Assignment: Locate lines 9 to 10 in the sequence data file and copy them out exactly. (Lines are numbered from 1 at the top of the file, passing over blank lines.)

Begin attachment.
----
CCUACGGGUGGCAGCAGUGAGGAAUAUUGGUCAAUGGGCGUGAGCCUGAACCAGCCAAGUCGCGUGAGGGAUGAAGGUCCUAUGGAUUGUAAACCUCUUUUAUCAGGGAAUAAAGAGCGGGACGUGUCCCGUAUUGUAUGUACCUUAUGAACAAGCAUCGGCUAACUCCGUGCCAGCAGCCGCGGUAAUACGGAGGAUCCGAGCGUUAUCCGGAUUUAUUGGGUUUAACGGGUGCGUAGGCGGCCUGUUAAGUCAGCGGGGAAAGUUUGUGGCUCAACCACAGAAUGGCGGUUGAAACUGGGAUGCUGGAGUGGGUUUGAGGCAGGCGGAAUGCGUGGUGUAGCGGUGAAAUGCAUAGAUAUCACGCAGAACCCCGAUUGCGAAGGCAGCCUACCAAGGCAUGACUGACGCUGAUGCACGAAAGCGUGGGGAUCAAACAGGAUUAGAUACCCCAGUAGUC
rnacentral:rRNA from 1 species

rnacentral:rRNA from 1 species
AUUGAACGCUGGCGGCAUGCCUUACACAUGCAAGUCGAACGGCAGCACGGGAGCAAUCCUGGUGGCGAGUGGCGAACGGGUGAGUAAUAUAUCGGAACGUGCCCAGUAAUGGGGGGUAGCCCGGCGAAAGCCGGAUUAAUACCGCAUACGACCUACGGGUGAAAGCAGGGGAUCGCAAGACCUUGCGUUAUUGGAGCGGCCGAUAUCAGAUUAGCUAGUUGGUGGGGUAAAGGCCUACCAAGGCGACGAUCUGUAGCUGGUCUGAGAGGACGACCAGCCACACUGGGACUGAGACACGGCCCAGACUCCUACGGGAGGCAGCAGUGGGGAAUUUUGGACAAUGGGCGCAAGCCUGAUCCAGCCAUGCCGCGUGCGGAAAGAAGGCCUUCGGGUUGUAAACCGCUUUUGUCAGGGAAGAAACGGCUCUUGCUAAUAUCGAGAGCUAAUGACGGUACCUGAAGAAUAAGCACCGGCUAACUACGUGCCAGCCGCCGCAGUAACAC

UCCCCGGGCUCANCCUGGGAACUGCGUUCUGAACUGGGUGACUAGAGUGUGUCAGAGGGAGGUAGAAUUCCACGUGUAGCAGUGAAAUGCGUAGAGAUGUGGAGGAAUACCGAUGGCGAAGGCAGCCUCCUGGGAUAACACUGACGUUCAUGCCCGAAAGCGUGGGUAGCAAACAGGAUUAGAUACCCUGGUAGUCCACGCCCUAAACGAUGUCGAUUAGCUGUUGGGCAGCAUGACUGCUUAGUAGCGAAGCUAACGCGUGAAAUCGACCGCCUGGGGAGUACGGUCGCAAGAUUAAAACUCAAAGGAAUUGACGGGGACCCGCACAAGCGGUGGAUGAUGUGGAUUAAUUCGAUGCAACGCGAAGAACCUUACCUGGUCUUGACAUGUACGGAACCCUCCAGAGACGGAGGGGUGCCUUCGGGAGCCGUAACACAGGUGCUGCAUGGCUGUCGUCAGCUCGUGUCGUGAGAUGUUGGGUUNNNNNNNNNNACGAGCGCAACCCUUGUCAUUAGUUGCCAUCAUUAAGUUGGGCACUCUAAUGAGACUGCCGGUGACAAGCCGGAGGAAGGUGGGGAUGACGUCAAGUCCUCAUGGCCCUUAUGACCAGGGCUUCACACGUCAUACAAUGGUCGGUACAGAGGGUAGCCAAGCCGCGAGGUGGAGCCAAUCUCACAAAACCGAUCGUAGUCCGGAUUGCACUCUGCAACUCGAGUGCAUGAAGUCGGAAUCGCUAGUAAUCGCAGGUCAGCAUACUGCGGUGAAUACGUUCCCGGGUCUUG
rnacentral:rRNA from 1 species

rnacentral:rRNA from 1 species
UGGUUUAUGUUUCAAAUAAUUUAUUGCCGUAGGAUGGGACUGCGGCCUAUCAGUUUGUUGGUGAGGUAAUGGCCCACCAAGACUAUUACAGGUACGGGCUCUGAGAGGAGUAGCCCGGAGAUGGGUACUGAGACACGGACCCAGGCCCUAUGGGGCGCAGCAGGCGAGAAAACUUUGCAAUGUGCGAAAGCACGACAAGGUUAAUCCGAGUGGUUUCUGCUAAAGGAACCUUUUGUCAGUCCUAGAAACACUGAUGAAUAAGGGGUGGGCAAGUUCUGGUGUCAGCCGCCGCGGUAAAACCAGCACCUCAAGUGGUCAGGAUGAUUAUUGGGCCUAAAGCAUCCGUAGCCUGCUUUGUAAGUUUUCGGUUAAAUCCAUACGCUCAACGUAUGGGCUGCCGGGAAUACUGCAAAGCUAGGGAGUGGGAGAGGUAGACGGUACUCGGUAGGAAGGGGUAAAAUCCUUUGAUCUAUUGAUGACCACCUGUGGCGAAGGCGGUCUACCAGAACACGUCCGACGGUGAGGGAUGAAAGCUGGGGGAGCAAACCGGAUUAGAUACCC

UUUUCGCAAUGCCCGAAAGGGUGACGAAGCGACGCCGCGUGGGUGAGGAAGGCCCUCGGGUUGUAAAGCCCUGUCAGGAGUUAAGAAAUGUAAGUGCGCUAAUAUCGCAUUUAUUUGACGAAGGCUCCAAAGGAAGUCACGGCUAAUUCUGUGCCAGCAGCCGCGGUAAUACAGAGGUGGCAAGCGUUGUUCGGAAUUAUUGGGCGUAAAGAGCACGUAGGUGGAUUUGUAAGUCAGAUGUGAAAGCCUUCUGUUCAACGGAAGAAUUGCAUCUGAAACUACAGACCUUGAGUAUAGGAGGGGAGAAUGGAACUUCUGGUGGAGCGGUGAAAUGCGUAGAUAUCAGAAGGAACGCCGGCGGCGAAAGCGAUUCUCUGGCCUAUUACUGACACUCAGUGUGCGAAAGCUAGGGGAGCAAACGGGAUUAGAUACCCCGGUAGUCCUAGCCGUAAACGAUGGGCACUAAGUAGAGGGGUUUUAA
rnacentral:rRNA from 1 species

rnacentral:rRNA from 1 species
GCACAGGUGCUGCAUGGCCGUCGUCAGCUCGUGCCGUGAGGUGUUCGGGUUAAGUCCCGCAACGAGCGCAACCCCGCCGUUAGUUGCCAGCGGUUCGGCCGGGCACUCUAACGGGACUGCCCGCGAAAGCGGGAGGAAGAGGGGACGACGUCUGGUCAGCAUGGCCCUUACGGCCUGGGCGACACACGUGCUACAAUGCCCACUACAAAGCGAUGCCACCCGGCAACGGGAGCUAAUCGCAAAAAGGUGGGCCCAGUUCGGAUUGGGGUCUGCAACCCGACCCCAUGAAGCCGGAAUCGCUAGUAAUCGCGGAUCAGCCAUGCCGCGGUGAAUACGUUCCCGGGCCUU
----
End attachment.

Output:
UUUUCGCAAUGCCCGAAAGGGUGACGAAGCGACGCCGCGUGGGUGAGGAAGGCCCUCGGGUUGUAAAGCCCUGUCAGGAGUUAAGAAAUGUAAGUGCGCUAAUAUCGCAUUUAUUUGACGAAGGCUCCAAAGGAAGUCACGGCUAAUUCUGUGCCAGCAGCCGCGGUAAUACAGAGGUGGCAAGCGUUGUUCGGAAUUAUUGGGCGUAAAGAGCACGUAGGUGGAUUUGUAAGUCAGAUGUGAAAGCCUUCUGUUCAACGGAAGAAUUGCAUCUGAAACUACAGACCUUGAGUAUAGGAGGGGAGAAUGGAACUUCUGGUGGAGCGGUGAAAUGCGUAGAUAUCAGAAGGAACGCCGGCGGCGAAAGCGAUUCUCUGGCCUAUUACUGACACUCAGUGUGCGAAAGCUAGGGGAGCAAACGGGAUUAGAUACCCCGGUAGUCCUAGCCGUAAACGAUGGGCACUAAGUAGAGGGGUUUUAA
rnacentral:rRNA from 1 species